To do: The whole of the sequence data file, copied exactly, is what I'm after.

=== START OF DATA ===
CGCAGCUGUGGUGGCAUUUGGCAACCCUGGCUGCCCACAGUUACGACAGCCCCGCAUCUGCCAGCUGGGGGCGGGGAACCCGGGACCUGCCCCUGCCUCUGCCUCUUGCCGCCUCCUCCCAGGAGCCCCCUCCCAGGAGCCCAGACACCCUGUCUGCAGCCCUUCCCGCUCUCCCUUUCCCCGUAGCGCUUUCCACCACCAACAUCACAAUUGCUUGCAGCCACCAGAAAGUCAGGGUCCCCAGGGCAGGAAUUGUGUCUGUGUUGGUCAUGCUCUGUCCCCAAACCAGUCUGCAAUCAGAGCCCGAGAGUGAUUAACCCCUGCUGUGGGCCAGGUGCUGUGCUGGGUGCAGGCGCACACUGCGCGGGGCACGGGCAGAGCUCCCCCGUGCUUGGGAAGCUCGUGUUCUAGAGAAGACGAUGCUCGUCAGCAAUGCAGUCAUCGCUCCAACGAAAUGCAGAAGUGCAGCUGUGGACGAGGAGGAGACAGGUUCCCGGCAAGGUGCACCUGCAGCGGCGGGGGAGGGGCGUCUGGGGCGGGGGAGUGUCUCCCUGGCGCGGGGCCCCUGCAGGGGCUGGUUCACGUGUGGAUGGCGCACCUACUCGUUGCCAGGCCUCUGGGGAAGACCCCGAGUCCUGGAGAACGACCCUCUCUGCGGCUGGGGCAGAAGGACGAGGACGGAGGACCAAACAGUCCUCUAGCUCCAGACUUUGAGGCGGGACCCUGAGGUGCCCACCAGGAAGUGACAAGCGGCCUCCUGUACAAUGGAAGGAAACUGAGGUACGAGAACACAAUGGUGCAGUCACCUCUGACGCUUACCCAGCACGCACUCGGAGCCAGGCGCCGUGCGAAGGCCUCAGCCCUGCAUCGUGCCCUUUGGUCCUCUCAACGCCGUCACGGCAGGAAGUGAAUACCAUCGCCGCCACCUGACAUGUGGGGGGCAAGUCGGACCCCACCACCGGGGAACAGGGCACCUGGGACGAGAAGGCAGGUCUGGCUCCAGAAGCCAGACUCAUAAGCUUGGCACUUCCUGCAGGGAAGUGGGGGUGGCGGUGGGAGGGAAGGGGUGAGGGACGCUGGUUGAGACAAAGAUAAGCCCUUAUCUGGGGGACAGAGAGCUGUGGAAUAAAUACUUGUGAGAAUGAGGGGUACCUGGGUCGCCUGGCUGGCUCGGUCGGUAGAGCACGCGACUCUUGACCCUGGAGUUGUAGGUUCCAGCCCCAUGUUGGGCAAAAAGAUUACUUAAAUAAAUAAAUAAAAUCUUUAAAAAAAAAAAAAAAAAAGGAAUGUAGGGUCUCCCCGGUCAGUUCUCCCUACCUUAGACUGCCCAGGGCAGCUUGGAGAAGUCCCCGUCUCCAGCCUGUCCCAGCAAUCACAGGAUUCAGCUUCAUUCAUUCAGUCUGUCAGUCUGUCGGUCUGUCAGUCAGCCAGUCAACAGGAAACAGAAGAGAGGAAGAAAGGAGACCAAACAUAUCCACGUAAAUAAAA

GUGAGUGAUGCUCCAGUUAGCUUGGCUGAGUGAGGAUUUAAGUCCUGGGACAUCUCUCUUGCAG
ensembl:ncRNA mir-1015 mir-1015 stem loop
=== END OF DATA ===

CGCAGCUGUGGUGGCAUUUGGCAACCCUGGCUGCCCACAGUUACGACAGCCCCGCAUCUGCCAGCUGGGGGCGGGGAACCCGGGACCUGCCCCUGCCUCUGCCUCUUGCCGCCUCCUCCCAGGAGCCCCCUCCCAGGAGCCCAGACACCCUGUCUGCAGCCCUUCCCGCUCUCCCUUUCCCCGUAGCGCUUUCCACCACCAACAUCACAAUUGCUUGCAGCCACCAGAAAGUCAGGGUCCCCAGGGCAGGAAUUGUGUCUGUGUUGGUCAUGCUCUGUCCCCAAACCAGUCUGCAAUCAGAGCCCGAGAGUGAUUAACCCCUGCUGUGGGCCAGGUGCUGUGCUGGGUGCAGGCGCACACUGCGCGGGGCACGGGCAGAGCUCCCCCGUGCUUGGGAAGCUCGUGUUCUAGAGAAGACGAUGCUCGUCAGCAAUGCAGUCAUCGCUCCAACGAAAUGCAGAAGUGCAGCUGUGGACGAGGAGGAGACAGGUUCCCGGCAAGGUGCACCUGCAGCGGCGGGGGAGGGGCGUCUGGGGCGGGGGAGUGUCUCCCUGGCGCGGGGCCCCUGCAGGGGCUGGUUCACGUGUGGAUGGCGCACCUACUCGUUGCCAGGCCUCUGGGGAAGACCCCGAGUCCUGGAGAACGACCCUCUCUGCGGCUGGGGCAGAAGGACGAGGACGGAGGACCAAACAGUCCUCUAGCUCCAGACUUUGAGGCGGGACCCUGAGGUGCCCACCAGGAAGUGACAAGCGGCCUCCUGUACAAUGGAAGGAAACUGAGGUACGAGAACACAAUGGUGCAGUCACCUCUGACGCUUACCCAGCACGCACUCGGAGCCAGGCGCCGUGCGAAGGCCUCAGCCCUGCAUCGUGCCCUUUGGUCCUCUCAACGCCGUCACGGCAGGAAGUGAAUACCAUCGCCGCCACCUGACAUGUGGGGGGCAAGUCGGACCCCACCACCGGGGAACAGGGCACCUGGGACGAGAAGGCAGGUCUGGCUCCAGAAGCCAGACUCAUAAGCUUGGCACUUCCUGCAGGGAAGUGGGGGUGGCGGUGGGAGGGAAGGGGUGAGGGACGCUGGUUGAGACAAAGAUAAGCCCUUAUCUGGGGGACAGAGAGCUGUGGAAUAAAUACUUGUGAGAAUGAGGGGUACCUGGGUCGCCUGGCUGGCUCGGUCGGUAGAGCACGCGACUCUUGACCCUGGAGUUGUAGGUUCCAGCCCCAUGUUGGGCAAAAAGAUUACUUAAAUAAAUAAAUAAAAUCUUUAAAAAAAAAAAAAAAAAAGGAAUGUAGGGUCUCCCCGGUCAGUUCUCCCUACCUUAGACUGCCCAGGGCAGCUUGGAGAAGUCCCCGUCUCCAGCCUGUCCCAGCAAUCACAGGAUUCAGCUUCAUUCAUUCAGUCUGUCAGUCUGUCGGUCUGUCAGUCAGCCAGUCAACAGGAAACAGAAGAGAGGAAGAAAGGAGACCAAACAUAUCCACGUAAAUAAAA

GUGAGUGAUGCUCCAGUUAGCUUGGCUGAGUGAGGAUUUAAGUCCUGGGACAUCUCUCUUGCAG
ensembl:ncRNA mir-1015 mir-1015 stem loop